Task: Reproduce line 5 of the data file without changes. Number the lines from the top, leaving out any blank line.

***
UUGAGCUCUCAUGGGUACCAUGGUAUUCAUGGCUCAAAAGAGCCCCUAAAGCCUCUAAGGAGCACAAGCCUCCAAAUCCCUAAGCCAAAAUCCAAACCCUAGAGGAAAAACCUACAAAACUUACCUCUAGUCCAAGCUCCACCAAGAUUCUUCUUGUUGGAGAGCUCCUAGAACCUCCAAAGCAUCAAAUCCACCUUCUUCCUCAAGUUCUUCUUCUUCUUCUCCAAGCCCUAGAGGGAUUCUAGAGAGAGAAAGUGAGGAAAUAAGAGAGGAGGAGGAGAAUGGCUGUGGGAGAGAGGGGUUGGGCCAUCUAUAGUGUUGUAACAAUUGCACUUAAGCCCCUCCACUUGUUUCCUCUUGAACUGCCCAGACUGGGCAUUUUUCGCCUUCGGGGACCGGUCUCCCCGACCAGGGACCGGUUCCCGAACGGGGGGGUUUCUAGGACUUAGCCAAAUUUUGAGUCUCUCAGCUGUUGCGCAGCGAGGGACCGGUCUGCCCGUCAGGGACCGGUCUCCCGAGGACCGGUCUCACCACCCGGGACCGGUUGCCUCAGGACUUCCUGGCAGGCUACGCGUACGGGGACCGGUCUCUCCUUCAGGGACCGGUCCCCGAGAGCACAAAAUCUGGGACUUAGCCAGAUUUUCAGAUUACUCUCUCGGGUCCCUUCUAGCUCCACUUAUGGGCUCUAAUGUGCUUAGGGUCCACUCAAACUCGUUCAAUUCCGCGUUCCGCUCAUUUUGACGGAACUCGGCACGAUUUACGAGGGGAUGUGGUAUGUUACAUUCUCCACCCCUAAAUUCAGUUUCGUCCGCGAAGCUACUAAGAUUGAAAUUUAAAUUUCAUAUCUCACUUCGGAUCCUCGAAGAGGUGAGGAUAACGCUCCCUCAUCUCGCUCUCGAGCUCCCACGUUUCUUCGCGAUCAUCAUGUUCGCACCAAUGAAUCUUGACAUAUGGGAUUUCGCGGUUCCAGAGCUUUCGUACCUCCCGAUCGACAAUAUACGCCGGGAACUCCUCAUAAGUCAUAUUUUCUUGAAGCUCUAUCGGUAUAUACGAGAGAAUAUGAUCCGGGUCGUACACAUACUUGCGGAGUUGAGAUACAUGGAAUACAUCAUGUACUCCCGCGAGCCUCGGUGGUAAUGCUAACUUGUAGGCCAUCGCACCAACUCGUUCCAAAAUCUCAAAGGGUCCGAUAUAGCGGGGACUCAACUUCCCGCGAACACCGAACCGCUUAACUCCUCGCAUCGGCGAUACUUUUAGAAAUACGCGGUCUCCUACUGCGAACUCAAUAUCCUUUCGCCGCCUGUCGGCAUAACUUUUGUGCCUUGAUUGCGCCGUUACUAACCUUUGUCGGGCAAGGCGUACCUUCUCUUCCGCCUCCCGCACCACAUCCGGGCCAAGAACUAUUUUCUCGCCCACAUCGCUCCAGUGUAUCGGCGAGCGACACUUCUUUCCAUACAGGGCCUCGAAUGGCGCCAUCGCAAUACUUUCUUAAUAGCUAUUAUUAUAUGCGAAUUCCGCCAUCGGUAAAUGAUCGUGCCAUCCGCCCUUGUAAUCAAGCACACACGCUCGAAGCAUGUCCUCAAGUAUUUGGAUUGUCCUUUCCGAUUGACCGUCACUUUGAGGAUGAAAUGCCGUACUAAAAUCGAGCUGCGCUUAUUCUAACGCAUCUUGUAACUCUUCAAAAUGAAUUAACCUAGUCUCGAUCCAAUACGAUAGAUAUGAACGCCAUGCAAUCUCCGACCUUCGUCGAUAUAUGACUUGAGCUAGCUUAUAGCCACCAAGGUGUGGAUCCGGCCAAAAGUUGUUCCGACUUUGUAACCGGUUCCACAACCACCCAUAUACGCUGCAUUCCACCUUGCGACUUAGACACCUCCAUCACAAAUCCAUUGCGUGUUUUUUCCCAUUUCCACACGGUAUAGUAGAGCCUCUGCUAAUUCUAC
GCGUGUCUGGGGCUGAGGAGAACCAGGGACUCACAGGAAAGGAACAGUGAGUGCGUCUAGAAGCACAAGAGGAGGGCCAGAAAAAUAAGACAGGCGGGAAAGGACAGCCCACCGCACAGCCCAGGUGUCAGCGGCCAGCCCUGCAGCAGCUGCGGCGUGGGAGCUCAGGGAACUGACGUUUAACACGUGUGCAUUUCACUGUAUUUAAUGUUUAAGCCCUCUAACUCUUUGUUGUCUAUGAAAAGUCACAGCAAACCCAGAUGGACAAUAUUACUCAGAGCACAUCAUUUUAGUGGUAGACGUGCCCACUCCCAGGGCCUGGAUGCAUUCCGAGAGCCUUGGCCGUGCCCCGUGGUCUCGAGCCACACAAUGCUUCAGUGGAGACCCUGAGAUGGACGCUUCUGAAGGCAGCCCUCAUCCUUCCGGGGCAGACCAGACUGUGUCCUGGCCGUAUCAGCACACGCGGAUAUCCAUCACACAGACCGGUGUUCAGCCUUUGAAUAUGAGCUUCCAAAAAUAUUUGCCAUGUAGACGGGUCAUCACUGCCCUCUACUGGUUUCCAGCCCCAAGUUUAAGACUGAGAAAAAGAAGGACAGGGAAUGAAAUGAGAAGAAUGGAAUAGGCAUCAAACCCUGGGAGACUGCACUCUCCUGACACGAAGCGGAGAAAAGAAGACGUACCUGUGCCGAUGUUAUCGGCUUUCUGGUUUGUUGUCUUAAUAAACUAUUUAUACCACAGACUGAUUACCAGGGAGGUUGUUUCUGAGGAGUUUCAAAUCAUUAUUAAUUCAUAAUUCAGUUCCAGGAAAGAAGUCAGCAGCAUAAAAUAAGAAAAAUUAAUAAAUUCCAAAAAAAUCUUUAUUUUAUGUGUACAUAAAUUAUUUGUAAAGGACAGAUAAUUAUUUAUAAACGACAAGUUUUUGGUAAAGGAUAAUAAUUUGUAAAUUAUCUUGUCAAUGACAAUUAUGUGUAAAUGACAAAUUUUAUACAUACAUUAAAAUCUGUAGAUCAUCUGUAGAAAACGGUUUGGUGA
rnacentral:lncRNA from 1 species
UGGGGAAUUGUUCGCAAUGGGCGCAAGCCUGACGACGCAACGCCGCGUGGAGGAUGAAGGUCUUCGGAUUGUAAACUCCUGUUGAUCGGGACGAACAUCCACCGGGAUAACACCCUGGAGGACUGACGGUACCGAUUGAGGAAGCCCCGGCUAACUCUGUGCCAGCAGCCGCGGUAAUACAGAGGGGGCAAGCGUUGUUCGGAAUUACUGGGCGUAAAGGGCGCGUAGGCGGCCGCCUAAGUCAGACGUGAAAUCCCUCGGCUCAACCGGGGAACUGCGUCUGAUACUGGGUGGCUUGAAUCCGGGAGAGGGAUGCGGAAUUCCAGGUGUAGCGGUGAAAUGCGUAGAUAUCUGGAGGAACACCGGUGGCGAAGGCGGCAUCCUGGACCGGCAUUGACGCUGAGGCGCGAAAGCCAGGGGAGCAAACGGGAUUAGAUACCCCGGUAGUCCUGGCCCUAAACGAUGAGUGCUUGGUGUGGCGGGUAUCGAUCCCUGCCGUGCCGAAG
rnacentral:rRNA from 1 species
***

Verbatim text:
rnacentral:rRNA from 1 species